The noble Baroness raised the issue of tenant management organisations. There are built-in safeguards in the right to manage process, by which a tenant management organisation takes over management responsibilities from a local housing authority. These safeguards ensure that the tenant management organisation is an accountable and properly constituted body that is competent to undertake housing management functions and has the support of the majority of affected tenants. It is important to bear in mind that many tenant management organisations are made up not of a group of Dont have a clue type of tenants but of the more active, more engaged and energetic type of tenants who all live in the same block of flats, and in most cases, the tenant management organisation is run by professional housing managers, support staff and blue-collar workers. I am sure that the noble Baroness knows of other instances in which very effective and committed local people have managed these circumstances much better because they have had a very direct purchase on the outcome.
I hope that I have reassured the noble Baroness and put on record how we believe that this provision could be used most effectively. With that assurance, I invite the noble Baroness to withdraw her amendment.
Baroness Linklater of Butterstone: My Lords, I thank the noble Baroness for her reply. However, I remain unconvinced. My reservation, which I have just raised, particularly concerns the conditions that will be written into the parenting contracts without knowing the detail and whether the best interests of very vulnerable, albeit very difficult, families and their children are being properly attended to. However, in
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(2) If the carrying out of an inspection is delegated under sub-paragraph (1) above it is nevertheless to be regarded for the purposes of section 5A of this Act and this Schedule as carried out by the Chief Inspector.
(5) A person or body may be specified under sub-paragraph (4) above only if it exercises functions in relation to any prison or other institution or matter falling with the scope of the Chief Inspector's duties under section 5A of this Act.
The noble Baroness said: My Lords, I rise to speak to the whole series of amendments regarding how we will deliver inspection. I hope I have made plain on behalf of the Government throughout these debates that our starting point has always been that the best way to provide a modern, joined-up inspection regime for the criminal justice system is to have one single inspectorate rather than several. We remain convinced that a unified inspection regime would support frontline staff by minimising the additional work that inspection involves and provide an enhanced capacity to challenge whether the system is in practice giving the public the best possible service by looking more effectively at the system as a whole.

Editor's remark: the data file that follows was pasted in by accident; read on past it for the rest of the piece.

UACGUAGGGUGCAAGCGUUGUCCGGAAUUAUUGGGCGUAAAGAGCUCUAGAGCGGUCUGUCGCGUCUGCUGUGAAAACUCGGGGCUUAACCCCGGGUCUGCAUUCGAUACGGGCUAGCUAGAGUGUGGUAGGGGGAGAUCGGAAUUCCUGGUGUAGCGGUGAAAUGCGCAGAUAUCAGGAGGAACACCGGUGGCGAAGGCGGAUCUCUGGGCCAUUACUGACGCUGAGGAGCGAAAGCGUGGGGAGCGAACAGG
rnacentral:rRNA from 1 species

The Government remain committed to a simplified inspection landscape across the public sector as a whole. But at the same time we recognise the concerns expressed by the House about how that regime is and should be delivered. It is perhaps only appropriate that I say that I was disappointed and perhaps a little surprised by some of the comments made when we debated the matter on Report. There was almost an unsaid implication that the Government were creating a justice, community, safety and custody inspectorate precisely with the intention of diminishing the strong voice of the prisons inspectorate.
We have made clear all along that that was not our purpose. If anything, we wanted to enhance the voice of the inspectorate to give even greater power, acuity and effectiveness so that we could deliver not just that which we currently do but much more. It is perhaps right if I put on record that Anne Owers, the Chief Inspector of Prisons, has made absolutely clear to me that she has never ascribed such a motive to the Government's proposal. It is perhaps as well that I say that for the purposes of the record.
We have therefore looked very carefully at how we can deliver that which all sides wanted but in a way that might be more acceptable. We always made clear that we wanted any new arrangement to combine the existing strengths, which I have just described, and the expertise of the five inspectorates with the benefits of a more joined-up approach, but felt we could not guarantee the delivery of those benefits without statutory provisions.
However, discussions have taken place during the past few days between Ministers and the five existing chief inspectors and we have been impressed by the chief inspectors determination to work towards the benefits of joined-up working. As part of those discussions, chief inspectors have entered into four commitments.